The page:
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Sponsored feature: GKD metal mesh used as image façade at Minnesota station

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Metal fabric from GKD is used for etched façades at AECOM’s West Bank rapid transit station

The architects at AECOM designed the rapid transit stations of the Central Corridor Light Rail Transit (CCLRT) in Minnesota, USA. For the glass façade of the particularly heavily frequented West Bank station, they chose full-surface cladding with the metal meshes OMEGA 1510 and OMEGA 1550 from GKD – Gebr. Kufferath AG. Etching and application of large-format bird silhouettes are what give the textile stainless steel shell its effect. 

As an efficient solar protection façade, the woven skin reflects the sun’s rays and thereby significantly reduces heat input into the two-storey station building. Yet despite this, the open structure of the mesh facilitates unrestricted visual connections between the interior and exterior.

At the same time, the high degree of light transmission bathes the station in natural light and creates a pleasant atmosphere. Thanks to additional interior lighting, the passengers are also visible from outside, giving them the feeling of subjective safety. Despite its sophisticated and delicate structure, the metal mesh façade is extremely rugged. It resists the adverse weather conditions typical of the region and does not present any surface for vandals to attack.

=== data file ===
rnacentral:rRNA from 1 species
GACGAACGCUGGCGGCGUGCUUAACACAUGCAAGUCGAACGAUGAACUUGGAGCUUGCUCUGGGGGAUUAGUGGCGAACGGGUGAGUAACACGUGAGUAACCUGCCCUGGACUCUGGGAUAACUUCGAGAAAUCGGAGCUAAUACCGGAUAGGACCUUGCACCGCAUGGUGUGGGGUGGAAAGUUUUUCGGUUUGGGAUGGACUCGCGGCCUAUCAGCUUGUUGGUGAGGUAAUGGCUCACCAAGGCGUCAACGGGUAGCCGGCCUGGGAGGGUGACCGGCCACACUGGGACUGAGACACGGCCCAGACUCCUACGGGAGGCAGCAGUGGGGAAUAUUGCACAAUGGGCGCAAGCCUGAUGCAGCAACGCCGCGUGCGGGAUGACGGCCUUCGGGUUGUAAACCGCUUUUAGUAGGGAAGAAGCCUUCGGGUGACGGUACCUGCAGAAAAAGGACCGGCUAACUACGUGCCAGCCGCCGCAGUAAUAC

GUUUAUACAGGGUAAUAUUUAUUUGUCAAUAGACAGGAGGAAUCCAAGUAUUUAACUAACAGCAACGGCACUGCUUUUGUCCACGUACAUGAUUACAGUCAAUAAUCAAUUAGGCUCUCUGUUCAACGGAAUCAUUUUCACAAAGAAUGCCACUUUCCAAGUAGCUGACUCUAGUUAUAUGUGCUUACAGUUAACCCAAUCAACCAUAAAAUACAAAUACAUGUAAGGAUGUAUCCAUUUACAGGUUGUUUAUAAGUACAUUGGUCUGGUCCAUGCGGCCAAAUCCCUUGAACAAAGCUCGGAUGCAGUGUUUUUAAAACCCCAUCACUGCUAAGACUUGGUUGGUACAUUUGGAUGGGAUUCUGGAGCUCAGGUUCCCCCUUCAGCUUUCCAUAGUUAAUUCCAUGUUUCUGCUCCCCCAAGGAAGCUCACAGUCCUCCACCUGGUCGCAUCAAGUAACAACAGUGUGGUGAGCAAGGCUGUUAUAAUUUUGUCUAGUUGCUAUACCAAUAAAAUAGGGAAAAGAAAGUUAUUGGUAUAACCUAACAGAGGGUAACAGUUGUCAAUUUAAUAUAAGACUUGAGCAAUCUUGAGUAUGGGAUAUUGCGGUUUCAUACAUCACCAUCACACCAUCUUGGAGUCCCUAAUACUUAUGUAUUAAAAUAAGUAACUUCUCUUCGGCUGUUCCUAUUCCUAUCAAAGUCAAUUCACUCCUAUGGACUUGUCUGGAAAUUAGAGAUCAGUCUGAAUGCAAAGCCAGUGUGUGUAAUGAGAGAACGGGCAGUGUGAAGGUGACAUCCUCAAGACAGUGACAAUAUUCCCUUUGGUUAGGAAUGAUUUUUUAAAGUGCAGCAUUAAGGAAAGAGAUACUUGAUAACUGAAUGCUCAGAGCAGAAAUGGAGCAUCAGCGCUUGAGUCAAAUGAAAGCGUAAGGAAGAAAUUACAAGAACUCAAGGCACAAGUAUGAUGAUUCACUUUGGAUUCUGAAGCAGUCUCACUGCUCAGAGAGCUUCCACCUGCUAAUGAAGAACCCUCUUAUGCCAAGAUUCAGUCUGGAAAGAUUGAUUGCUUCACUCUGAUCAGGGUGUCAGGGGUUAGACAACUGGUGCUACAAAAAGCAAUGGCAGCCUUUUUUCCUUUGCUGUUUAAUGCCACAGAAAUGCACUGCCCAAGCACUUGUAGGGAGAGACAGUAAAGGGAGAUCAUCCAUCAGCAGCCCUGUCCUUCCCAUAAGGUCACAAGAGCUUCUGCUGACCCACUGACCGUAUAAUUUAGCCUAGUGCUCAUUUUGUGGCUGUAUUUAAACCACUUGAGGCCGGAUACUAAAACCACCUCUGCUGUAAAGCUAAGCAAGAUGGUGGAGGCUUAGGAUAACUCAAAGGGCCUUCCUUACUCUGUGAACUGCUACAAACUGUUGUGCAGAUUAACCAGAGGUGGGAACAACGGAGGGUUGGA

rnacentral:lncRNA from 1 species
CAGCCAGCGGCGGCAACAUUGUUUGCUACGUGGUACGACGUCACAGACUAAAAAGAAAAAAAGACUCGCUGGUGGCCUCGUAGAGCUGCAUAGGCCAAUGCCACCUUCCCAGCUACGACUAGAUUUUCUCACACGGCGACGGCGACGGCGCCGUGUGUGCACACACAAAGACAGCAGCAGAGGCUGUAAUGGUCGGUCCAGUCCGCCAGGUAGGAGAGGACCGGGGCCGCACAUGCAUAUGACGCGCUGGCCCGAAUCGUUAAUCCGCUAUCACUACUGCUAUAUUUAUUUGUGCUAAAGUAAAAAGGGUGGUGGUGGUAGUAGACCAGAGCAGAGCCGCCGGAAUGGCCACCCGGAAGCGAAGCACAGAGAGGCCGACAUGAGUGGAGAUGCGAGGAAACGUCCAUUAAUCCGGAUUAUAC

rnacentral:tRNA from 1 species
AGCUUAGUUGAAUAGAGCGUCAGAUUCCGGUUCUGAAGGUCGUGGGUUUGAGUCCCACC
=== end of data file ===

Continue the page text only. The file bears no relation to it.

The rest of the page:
The mesh effect inspired artist Nancy Blum to produce a work that reflects the region’s eventful history 

The façade cladding combines this range of characteristics with exceptional aesthetics, whereby targeted light effects generated by externally fitted spotlights allow the mesh to appear either transparent or opaque, depending on the perspective of the observer.

This effect inspired artist Nancy Blum, who is very popular in the US, to produce a work that reflects the region’s eventful history as a melting pot of nations and a multicultural transit point. Using an etching process, GKD transferred ethnic images onto the OMEGA 1510 mesh based on her designs, evoking the three main regions of origin of the immigrants in Minnesota.

Blasting media is used to modify the smooth surface of the mesh in such a way that the patterns created also appear either transparent or opaque based on the incidence of light and location of the observer. As these images are applied directly to the surface, they are permanently weather-resistant and do not fade when exposed to UV light. The special fascination is created by the visually seamless integration into the building. Nancy Blum gave the façade another dimension by fitting silhouette-like migratory bird motifs made of stainless steel. In interaction with the ethnic images, they highlight the rich history and multicultural mix of this region. 

Photograph © Nancy Blum



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